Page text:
"... In this paper, we give a provably secure design for blind signatures, the most important ingredient for anonymity in offline electronic cash systems. Previous examples of blind signature schemes were constructed from traditional signature schemes with only the additional proof of blindness. The des ..."
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Cited by 68 (10 self)
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In this paper, we give a provably secure design for blind signatures, the most important ingredient for anonymity in offline electronic cash systems. Previous examples of blind signature schemes were constructed from traditional signature schemes with only the additional proof of blindness. The design of some of the underlying signature schemes can be validated by a proof in the socalled random oracle model, but the security of the original signature scheme does not, by itself, imply the security of the blind version. In this paper, we first propose a definition of security for blind signatures, with application to electronic cash. Next, we focus on a specific example which can be successfully transformed in a provably secure blind signature scheme.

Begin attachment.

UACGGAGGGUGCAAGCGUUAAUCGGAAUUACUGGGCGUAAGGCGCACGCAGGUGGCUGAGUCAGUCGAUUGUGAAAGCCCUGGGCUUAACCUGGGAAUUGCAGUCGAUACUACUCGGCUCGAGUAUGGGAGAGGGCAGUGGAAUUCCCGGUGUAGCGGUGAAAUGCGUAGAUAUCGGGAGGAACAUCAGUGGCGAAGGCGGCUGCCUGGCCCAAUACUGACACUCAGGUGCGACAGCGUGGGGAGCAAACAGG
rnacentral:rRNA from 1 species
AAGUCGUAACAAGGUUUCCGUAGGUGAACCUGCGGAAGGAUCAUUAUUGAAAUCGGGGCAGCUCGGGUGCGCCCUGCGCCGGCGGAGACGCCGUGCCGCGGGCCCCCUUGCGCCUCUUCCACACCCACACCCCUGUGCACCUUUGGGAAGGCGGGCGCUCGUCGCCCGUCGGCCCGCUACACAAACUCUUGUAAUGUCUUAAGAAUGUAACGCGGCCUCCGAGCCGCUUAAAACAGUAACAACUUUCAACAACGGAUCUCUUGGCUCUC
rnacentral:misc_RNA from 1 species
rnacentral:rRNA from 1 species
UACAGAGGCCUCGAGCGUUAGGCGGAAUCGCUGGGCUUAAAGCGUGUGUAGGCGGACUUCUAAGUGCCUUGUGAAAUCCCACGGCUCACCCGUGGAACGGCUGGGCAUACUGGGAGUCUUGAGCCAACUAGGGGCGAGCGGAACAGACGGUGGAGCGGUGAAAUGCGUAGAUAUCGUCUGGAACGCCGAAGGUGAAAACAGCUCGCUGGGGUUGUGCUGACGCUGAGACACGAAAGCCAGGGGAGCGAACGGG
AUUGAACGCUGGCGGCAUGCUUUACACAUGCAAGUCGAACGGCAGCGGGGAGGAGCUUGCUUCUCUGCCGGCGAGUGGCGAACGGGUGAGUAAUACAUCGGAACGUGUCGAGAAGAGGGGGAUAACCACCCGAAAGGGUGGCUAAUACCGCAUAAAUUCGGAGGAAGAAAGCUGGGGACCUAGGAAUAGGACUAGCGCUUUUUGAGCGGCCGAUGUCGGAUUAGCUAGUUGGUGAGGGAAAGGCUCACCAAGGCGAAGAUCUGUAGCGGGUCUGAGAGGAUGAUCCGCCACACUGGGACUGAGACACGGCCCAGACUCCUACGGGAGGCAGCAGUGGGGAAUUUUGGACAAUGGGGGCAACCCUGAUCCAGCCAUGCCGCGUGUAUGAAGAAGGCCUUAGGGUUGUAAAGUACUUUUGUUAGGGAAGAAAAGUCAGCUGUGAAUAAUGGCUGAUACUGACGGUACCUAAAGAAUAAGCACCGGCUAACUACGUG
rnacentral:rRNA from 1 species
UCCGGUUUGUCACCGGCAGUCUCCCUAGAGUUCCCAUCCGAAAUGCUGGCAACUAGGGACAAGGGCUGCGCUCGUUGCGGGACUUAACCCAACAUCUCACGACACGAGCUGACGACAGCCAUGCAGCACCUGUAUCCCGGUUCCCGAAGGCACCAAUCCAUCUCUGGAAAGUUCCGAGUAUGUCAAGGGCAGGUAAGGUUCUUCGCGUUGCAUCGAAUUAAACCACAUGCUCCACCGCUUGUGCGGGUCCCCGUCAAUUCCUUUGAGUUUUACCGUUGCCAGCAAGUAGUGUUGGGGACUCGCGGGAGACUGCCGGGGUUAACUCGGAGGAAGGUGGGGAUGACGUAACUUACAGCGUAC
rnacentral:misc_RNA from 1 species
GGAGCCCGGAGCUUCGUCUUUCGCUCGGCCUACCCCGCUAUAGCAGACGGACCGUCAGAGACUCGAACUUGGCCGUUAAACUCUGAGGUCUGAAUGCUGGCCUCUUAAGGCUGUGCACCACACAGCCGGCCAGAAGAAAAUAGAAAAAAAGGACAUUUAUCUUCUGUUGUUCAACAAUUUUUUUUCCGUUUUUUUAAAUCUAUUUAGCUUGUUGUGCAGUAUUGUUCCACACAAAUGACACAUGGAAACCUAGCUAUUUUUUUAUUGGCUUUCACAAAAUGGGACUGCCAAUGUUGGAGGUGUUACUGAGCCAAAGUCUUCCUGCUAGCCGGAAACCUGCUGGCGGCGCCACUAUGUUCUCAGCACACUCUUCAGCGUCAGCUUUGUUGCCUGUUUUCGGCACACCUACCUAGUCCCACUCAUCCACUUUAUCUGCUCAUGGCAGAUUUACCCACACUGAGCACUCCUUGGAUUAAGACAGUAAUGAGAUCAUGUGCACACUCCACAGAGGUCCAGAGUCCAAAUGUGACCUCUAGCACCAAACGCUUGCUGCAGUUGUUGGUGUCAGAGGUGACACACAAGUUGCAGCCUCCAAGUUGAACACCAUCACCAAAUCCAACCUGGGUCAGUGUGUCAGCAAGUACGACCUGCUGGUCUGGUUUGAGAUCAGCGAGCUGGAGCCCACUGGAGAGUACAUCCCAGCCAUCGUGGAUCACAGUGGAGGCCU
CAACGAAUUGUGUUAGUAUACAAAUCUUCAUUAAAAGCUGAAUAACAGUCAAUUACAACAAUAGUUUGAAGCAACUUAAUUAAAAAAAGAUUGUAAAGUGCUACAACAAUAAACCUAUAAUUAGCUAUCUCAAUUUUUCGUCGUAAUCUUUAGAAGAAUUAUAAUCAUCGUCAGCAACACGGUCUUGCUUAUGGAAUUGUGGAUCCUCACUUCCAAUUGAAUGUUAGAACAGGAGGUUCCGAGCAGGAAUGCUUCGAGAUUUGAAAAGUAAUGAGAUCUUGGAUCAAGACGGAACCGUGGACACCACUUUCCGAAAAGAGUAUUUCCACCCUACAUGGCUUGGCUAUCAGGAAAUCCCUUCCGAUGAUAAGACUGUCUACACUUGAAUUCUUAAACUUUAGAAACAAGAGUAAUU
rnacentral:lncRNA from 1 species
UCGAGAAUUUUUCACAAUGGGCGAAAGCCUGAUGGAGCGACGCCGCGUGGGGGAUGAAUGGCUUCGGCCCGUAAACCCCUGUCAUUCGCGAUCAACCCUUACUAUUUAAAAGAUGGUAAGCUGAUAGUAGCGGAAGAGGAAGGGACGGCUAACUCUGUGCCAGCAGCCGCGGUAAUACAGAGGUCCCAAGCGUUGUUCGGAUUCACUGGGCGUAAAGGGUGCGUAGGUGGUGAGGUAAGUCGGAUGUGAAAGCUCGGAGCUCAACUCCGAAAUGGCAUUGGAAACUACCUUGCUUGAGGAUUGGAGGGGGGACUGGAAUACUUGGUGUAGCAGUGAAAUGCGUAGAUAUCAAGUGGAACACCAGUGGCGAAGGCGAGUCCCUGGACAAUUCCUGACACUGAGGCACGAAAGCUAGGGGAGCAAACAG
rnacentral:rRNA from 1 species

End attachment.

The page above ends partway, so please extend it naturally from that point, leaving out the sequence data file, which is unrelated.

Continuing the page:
Authenticated MultiParty Key Agreement
, 1996
"... We examine multiparty key agreement protocols that provide (i) key authentication, (ii) key confirmation and (iii) forward secrecy. Several minor (repairable) attacks are presented against previous twoparty key agreement schemes and a model for key agreement is presented that provably provides the ..."
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Cited by 68 (2 self)